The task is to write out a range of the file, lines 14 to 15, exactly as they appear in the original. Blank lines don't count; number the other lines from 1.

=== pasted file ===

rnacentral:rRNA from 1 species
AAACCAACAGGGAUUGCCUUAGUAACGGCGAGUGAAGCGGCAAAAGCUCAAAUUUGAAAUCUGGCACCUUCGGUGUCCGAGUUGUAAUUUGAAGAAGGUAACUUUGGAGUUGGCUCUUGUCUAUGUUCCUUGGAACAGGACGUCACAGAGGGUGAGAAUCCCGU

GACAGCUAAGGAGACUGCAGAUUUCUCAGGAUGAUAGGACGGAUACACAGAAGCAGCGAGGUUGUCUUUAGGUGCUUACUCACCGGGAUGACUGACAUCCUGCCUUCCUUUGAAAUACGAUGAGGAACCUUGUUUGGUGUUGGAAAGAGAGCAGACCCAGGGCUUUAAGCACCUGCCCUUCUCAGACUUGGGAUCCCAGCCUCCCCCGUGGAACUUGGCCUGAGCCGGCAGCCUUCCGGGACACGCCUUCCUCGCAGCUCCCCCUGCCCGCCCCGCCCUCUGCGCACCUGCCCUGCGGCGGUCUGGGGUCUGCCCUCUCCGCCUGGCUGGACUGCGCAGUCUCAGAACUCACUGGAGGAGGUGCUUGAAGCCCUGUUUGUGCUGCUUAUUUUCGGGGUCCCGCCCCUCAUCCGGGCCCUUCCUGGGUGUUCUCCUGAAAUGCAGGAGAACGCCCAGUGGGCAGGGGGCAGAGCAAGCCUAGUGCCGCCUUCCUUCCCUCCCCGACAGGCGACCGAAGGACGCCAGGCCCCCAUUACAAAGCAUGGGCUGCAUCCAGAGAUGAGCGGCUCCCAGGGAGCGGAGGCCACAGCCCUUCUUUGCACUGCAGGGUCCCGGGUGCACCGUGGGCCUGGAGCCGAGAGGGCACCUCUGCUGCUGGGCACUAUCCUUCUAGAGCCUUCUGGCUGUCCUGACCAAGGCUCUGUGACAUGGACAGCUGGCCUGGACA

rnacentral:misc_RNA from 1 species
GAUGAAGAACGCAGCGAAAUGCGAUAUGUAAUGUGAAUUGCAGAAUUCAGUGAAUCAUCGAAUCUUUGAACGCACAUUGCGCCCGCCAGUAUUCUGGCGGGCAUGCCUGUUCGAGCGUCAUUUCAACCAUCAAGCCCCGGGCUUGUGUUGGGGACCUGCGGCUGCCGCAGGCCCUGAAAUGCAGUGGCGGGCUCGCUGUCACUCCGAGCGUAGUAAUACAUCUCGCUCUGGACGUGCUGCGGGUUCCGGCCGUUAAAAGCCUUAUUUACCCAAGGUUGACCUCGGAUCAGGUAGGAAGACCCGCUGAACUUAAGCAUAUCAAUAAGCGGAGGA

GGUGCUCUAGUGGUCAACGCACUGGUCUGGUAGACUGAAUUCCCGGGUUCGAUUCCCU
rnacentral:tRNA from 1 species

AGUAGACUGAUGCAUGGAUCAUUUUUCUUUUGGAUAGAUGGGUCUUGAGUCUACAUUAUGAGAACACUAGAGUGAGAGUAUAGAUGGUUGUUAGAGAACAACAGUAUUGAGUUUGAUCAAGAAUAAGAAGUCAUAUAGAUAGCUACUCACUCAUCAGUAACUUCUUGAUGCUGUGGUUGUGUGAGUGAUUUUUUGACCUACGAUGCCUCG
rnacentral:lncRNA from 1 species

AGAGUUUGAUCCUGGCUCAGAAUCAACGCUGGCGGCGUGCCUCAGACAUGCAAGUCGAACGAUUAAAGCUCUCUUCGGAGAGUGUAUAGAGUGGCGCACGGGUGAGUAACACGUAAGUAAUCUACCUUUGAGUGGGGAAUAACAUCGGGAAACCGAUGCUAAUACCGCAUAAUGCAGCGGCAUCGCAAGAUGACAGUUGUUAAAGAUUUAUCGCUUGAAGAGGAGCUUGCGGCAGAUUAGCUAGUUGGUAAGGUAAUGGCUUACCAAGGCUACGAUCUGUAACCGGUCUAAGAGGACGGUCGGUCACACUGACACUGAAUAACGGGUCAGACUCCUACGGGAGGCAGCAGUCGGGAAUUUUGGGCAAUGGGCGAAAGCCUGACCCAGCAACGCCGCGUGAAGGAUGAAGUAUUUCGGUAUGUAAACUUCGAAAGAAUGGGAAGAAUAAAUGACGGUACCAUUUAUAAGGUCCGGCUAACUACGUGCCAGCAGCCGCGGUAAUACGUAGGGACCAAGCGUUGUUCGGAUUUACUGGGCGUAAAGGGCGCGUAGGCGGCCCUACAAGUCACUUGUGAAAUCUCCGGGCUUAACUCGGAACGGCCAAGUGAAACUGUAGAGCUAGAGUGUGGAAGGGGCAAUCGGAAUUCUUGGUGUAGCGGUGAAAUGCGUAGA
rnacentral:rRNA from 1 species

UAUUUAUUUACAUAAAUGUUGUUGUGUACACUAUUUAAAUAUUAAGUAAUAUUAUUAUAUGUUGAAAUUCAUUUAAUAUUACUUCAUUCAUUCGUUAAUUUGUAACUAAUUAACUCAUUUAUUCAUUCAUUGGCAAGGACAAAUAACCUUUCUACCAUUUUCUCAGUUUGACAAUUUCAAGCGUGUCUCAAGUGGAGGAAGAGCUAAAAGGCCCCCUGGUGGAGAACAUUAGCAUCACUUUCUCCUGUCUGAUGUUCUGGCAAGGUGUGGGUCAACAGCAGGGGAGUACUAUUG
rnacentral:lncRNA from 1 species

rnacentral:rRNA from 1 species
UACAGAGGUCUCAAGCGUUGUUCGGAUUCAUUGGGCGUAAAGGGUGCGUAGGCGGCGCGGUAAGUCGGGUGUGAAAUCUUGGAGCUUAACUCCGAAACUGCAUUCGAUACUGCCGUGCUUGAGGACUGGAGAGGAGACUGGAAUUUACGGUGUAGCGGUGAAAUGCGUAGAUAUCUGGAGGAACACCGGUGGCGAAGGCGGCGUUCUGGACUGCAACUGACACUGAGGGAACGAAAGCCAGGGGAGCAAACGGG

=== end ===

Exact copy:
rnacentral:rRNA from 1 species
UACAGAGGUCUCAAGCGUUGUUCGGAUUCAUUGGGCGUAAAGGGUGCGUAGGCGGCGCGGUAAGUCGGGUGUGAAAUCUUGGAGCUUAACUCCGAAACUGCAUUCGAUACUGCCGUGCUUGAGGACUGGAGAGGAGACUGGAAUUUACGGUGUAGCGGUGAAAUGCGUAGAUAUCUGGAGGAACACCGGUGGCGAAGGCGGCGUUCUGGACUGCAACUGACACUGAGGGAACGAAAGCCAGGGGAGCAAACGGG